11 Kislev 5781 / Friday, November 27, 2020 | Torah Reading: Vayeitzei
 
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The First Haircut    

The First Haircut



Chassidim as well as other Orthodox Jews wait until a male child reaches the age of three before his first haircut, during a ceremony known as the Chalakeh...

 



Chassidic Jews as well as many other Orthodox groups wait until a male child reaches the age of three before he receives his first haircut. And, in the case of Chassidim, when the child does finally get his first haircut, his long locks are completely shaved and only his side-curls remain. The side-curls are called pe'ot, named after the pe'ah, a strip of a field that the Torah commands a farmer not to cultivate, leaving it for the poor people.
 
Chassidic tradition cites that the Chalakeh, or first haircut at the age of three, is actually hinted in the Torah. In the Torah portion of Tazria, when the Torah (Leviticus 13:33) mentions the word for shaving one's hair - vehitgaleach - the letter Gimel, which has a numerical value of three, is traditionally written twice the size of the other Torah letters. Also, one may not partake of orla, the fruit that an immature tree produces during its first three years of growth. In like manner, we don't cut a little boy's hair during his first three years of growth.
 
Although not all observant Jews wear long side-locks and beards, most Chassidim interpret the Torah's command - “Do not cut the pe'ah of your head and do not cut the pe'ah of your beard” (Leviticus 19:27) - in a literal fashion. Many, as in Breslev, neither trim a child's sidelocks nor trim their beards. According to Kabbala, whereas the hairs of the head correspond to stern judgment, the hair of the sidelocks and beard correspond to Divine compassion - something we don't want to trim.
 
Parents often try to perform the ceremony at the gravesite of a tzaddik. The prime time for the Chalakeh is Lag B'Omer, at the holy gravesite of Rebbe Shimon Bar Yochai in Miron. As such, many parents will either move the ceremony up or delay it for anywhere up to 90 days so that they can do it under the holy influence of Miron and Lag B'Omer, which is tantamount to having Rebbe Shimon himself perform the ceremony, cut the first locks and bless the child.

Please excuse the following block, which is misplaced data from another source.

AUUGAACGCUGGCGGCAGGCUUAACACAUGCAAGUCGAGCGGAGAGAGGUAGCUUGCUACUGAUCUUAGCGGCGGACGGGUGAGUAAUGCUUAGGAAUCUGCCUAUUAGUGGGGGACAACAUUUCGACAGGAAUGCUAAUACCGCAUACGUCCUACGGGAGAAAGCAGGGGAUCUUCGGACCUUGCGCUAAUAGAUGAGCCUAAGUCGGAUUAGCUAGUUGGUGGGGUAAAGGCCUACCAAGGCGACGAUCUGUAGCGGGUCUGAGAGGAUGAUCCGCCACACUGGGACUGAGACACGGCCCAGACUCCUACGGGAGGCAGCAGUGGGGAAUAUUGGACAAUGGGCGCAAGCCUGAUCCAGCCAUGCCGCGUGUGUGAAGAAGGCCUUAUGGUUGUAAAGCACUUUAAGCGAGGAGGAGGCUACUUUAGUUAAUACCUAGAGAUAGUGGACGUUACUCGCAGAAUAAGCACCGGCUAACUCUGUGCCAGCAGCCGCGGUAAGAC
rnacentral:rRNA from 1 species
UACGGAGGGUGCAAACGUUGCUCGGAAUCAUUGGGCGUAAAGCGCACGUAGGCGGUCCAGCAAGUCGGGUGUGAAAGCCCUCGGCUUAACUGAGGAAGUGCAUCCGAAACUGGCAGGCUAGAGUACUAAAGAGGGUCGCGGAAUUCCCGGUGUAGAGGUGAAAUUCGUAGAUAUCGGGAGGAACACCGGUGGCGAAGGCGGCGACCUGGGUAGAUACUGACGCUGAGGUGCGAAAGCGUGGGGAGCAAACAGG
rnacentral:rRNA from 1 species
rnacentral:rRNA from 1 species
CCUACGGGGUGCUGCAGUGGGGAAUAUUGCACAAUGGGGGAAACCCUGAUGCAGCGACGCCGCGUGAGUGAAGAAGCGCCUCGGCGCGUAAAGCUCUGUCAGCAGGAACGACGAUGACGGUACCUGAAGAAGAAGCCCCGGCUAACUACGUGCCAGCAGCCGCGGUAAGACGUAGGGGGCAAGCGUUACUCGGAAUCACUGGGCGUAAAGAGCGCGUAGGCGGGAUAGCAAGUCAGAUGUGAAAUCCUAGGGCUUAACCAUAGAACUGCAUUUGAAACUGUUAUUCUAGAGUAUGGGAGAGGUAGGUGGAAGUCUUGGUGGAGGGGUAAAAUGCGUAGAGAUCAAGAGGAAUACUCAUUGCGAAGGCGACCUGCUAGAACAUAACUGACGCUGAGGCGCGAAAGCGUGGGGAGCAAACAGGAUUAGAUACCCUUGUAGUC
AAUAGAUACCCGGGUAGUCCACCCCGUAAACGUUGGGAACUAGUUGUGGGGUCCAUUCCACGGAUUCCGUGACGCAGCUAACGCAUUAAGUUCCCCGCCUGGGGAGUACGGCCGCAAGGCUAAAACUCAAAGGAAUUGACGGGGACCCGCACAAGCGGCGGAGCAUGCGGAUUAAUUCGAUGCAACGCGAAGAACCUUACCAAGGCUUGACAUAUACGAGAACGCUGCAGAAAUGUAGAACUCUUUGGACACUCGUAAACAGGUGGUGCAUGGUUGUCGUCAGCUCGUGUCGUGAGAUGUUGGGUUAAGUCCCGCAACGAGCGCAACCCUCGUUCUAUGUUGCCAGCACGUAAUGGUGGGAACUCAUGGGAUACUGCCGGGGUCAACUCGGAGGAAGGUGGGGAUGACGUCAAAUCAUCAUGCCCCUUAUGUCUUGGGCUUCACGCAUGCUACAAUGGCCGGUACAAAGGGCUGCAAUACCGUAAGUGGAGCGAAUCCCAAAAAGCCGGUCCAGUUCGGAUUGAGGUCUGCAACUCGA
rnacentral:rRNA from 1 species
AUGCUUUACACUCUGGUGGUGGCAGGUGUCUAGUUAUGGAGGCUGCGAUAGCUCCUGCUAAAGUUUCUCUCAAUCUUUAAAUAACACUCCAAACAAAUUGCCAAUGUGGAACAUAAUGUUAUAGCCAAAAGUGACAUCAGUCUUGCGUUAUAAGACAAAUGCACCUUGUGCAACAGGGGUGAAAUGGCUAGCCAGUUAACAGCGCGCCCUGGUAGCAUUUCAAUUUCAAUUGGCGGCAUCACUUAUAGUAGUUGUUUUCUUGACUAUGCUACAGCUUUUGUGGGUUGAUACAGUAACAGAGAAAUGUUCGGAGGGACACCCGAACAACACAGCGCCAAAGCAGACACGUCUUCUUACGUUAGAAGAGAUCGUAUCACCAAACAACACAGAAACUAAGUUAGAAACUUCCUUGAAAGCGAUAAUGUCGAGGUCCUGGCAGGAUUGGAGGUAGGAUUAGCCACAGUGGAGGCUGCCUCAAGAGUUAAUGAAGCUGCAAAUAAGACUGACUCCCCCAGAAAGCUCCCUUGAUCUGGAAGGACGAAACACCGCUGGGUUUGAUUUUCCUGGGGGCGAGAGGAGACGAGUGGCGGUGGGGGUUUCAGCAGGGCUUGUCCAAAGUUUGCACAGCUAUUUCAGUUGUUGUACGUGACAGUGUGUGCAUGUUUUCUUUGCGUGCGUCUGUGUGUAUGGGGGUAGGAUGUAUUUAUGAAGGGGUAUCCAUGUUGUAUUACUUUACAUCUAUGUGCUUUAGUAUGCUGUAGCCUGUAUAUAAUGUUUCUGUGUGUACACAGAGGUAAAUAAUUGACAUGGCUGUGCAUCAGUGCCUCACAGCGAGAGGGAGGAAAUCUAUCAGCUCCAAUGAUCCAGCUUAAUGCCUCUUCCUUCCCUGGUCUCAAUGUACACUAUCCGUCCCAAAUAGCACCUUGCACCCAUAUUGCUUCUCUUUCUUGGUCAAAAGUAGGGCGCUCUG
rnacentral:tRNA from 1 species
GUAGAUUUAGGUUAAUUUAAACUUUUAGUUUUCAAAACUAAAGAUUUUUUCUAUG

A Jewish toddler's first haircut is a milestone; he is no longer a toddler. He now graduates to the status of a little boy who will learn to read and to study Torah. Together with his new pe'ot, he gets his first pair of tzitzit and officially begins to learn how to read, despite the fact that many Chassidic little boys know the alphabet by the time they're three. Oftentimes, parents bring the little boy to a Torah scholar or righteous spiritual leader, who sits the little boy on his lap, rubs honey over the images of Torah letters and lets the little boy lick the page. This symbolically is a child's first contact with Torah - a sweet one - which is engraved on his tender little soul for the rest of his life. Friends and family are also on hand for this moving and significant ceremony.
 
Another beautiful custom is that the parents gather their sons newly-shorn locks, both when friends, family and rabbis are honored with shearing a lock, and both when the little boy receives his completed haircut. The put the locks in a plastic bag, weigh them, and then give an equivalent amount of silver or gold to charity. The root of this custom is from Psalm 119:72, "The Torah of Your mouth is better to me than a thousand gold and silver." The words of this passage, Tov li Torat Picha, is a song that all Chassidic little boys learn before their third birthday.
 
Parents are best advised to prepare their little boy for the occasion of the Chalakeh, so that the first haircut won't be traumatic. The little "groom" often gets new clothes and shoes in addition to his new tztitzit, and presents from family and friends.
 
A special Jewish mothers' custom is to photograph the child before and after the Chalakeh. These are memories that no money can buy. May you have joy from all of your children!
 

Here are a few photos of Chalekeh in Miron:

1. Before



2.
Snip, snip



3.
After



4.
The Little Tzaddik





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